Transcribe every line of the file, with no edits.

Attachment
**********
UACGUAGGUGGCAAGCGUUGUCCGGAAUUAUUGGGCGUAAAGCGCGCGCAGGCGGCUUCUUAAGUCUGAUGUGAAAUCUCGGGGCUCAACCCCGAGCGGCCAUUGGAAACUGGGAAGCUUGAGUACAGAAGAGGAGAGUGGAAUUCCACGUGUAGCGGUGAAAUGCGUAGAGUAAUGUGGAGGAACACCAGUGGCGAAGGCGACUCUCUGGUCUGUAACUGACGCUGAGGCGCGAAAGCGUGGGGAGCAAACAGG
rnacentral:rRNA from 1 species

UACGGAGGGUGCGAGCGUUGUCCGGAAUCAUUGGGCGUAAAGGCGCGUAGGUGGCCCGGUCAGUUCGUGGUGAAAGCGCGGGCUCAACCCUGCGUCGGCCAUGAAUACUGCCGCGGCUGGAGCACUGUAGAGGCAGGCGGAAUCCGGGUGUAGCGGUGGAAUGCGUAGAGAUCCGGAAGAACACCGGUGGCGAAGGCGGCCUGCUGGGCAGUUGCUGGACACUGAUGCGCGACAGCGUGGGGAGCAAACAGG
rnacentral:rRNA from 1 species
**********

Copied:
UACGUAGGUGGCAAGCGUUGUCCGGAAUUAUUGGGCGUAAAGCGCGCGCAGGCGGCUUCUUAAGUCUGAUGUGAAAUCUCGGGGCUCAACCCCGAGCGGCCAUUGGAAACUGGGAAGCUUGAGUACAGAAGAGGAGAGUGGAAUUCCACGUGUAGCGGUGAAAUGCGUAGAGUAAUGUGGAGGAACACCAGUGGCGAAGGCGACUCUCUGGUCUGUAACUGACGCUGAGGCGCGAAAGCGUGGGGAGCAAACAGG
rnacentral:rRNA from 1 species

UACGGAGGGUGCGAGCGUUGUCCGGAAUCAUUGGGCGUAAAGGCGCGUAGGUGGCCCGGUCAGUUCGUGGUGAAAGCGCGGGCUCAACCCUGCGUCGGCCAUGAAUACUGCCGCGGCUGGAGCACUGUAGAGGCAGGCGGAAUCCGGGUGUAGCGGUGGAAUGCGUAGAGAUCCGGAAGAACACCGGUGGCGAAGGCGGCCUGCUGGGCAGUUGCUGGACACUGAUGCGCGACAGCGUGGGGAGCAAACAGG
rnacentral:rRNA from 1 species